Darjeeling and Bodhgaya

After a few awkward connections involving crammed shared jeeps (strangely called Sumos), a friendly toy store owner’s car, and vomit encrusted busses, I found myself in the popular hilltop town of Darjeeling. At -3C and without any kind of central heating or sealed windows let alone appropriate clothing, it is inescapably cold 24 hours a day, which is roughly the amount of time I lasted before heading back down the frigid mountain. It’s hard to do, but if you throw a mid-winter cold snap and 2000 meters of Himalayan altitude at India, it’s no longer the scorching hot environment you usually imagine. A round of hot water bottles, anyone?

Darjeeling itself is a quaint town full of steep winding alleys and stone staircases (best enjoyed without luggage) and the cold clear air and high vantage provides enormous views almost everywhere you look.  A stop here isn’t complete without hopping on the century old ‘toy train’ that shares the narrow cliff roads with other road traffic while its coal boiler chugs along on impossibly narrow tracks only two feet wide.  Delightful however inefficient.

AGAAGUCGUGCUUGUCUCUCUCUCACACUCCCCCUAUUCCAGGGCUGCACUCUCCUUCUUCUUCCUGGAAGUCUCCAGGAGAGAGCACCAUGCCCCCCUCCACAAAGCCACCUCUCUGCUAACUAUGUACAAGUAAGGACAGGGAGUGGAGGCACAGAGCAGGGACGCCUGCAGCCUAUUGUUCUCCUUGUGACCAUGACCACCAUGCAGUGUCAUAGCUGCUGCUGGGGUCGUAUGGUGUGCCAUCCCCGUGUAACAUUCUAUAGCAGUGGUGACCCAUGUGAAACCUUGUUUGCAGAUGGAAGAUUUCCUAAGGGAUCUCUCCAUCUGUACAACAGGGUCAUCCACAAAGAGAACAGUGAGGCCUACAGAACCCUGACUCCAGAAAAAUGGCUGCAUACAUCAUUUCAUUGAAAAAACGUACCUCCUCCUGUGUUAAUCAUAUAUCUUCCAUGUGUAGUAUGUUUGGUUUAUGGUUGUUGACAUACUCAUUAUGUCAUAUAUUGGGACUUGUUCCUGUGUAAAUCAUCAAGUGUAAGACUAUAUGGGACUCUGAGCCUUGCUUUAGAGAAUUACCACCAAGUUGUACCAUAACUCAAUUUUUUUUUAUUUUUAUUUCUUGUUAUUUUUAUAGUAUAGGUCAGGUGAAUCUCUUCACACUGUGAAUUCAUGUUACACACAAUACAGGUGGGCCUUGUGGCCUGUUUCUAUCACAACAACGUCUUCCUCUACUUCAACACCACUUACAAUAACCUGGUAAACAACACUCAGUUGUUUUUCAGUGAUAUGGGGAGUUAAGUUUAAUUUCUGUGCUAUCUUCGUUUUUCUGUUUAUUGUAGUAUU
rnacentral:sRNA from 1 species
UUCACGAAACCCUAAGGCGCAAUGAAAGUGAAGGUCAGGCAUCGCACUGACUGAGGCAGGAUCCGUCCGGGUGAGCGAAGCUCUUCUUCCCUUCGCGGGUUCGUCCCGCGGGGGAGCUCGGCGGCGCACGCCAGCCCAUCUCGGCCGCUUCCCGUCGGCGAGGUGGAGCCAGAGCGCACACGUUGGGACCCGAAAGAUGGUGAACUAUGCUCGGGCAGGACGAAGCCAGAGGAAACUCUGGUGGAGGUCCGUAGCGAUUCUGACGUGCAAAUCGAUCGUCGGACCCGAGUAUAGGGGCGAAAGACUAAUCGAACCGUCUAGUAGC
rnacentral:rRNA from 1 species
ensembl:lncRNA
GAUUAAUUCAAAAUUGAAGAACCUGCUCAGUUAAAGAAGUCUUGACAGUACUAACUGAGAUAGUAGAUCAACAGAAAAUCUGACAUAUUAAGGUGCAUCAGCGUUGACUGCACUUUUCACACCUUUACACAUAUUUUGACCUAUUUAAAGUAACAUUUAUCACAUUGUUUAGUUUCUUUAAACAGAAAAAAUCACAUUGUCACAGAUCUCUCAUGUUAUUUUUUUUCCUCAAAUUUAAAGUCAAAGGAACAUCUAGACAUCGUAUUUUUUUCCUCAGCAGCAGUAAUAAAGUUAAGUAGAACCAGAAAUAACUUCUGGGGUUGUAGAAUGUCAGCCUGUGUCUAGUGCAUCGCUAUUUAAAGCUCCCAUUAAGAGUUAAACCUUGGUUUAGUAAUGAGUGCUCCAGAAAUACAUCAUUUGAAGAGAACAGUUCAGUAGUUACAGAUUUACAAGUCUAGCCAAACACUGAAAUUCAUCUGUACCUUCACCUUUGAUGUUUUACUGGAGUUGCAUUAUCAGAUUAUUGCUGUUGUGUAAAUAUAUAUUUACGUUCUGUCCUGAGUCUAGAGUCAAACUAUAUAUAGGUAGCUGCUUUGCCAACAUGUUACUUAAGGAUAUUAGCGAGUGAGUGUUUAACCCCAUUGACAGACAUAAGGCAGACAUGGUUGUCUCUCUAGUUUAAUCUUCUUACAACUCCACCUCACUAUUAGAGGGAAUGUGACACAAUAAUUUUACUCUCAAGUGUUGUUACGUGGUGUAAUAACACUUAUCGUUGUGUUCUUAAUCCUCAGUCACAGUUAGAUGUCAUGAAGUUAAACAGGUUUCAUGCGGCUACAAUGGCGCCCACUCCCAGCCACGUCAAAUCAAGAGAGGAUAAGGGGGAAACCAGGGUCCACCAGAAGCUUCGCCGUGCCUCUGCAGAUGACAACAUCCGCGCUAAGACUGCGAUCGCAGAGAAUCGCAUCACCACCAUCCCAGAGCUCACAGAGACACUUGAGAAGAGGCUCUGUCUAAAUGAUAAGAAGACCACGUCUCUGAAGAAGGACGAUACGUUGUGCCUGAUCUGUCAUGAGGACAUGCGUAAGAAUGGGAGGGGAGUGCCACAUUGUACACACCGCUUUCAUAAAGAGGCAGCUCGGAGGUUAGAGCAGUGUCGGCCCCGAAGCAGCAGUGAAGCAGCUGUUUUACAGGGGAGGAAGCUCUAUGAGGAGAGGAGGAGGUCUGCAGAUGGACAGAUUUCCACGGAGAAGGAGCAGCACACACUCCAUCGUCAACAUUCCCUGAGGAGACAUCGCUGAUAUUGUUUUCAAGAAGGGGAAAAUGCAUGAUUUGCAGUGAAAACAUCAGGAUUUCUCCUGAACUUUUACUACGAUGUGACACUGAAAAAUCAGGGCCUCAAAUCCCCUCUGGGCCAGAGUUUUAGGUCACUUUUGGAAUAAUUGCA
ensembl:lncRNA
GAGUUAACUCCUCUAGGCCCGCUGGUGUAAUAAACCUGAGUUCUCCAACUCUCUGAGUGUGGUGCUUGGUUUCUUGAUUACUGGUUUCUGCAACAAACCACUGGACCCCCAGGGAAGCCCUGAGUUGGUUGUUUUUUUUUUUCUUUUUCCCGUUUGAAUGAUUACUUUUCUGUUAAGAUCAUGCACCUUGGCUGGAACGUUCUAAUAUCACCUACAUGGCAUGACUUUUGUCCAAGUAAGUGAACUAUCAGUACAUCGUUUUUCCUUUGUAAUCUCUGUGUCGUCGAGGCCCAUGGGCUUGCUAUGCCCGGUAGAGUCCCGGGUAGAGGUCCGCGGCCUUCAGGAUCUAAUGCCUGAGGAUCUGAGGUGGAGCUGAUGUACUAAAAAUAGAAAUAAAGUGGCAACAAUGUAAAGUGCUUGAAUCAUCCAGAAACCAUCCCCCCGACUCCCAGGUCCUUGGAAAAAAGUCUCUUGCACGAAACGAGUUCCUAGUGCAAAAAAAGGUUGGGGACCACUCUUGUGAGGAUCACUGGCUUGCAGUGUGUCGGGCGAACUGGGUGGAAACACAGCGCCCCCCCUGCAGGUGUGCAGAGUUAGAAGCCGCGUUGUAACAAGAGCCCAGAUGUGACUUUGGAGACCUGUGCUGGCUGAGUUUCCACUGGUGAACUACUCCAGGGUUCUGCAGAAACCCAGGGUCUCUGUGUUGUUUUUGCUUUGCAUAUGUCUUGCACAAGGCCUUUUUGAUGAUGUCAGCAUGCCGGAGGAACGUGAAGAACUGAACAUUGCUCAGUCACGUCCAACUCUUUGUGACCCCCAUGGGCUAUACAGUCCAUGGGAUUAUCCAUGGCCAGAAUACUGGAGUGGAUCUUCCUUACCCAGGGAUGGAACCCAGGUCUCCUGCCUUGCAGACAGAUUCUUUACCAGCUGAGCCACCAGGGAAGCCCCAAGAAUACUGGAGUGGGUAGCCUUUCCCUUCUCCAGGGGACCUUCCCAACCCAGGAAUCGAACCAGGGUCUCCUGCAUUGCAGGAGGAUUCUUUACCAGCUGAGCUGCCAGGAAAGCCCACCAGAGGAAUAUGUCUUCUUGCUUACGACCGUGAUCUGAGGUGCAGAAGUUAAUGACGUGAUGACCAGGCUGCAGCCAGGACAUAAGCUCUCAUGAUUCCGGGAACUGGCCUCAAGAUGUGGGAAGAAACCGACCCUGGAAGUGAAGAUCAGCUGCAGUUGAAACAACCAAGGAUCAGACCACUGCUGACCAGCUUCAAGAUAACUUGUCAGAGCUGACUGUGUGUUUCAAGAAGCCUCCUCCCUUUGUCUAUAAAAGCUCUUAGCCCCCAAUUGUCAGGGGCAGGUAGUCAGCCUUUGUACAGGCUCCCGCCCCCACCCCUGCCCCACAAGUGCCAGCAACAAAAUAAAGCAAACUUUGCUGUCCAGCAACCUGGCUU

A non toy-sized train brought me out of the cold and into the holy city of Bodhgaya, where it is said that after six straight years of meditation the Buddha reached enlightenment.  The Mahabodhi Temple found here is the holiest place on Earth for Buddhists, and people make pilgrimages here from all over the world.  I can’t begin to understand exactly what was happening in the chanting and ceremonies that took place there, but the peacefulness and spiritual importance of the place were certainly palpable.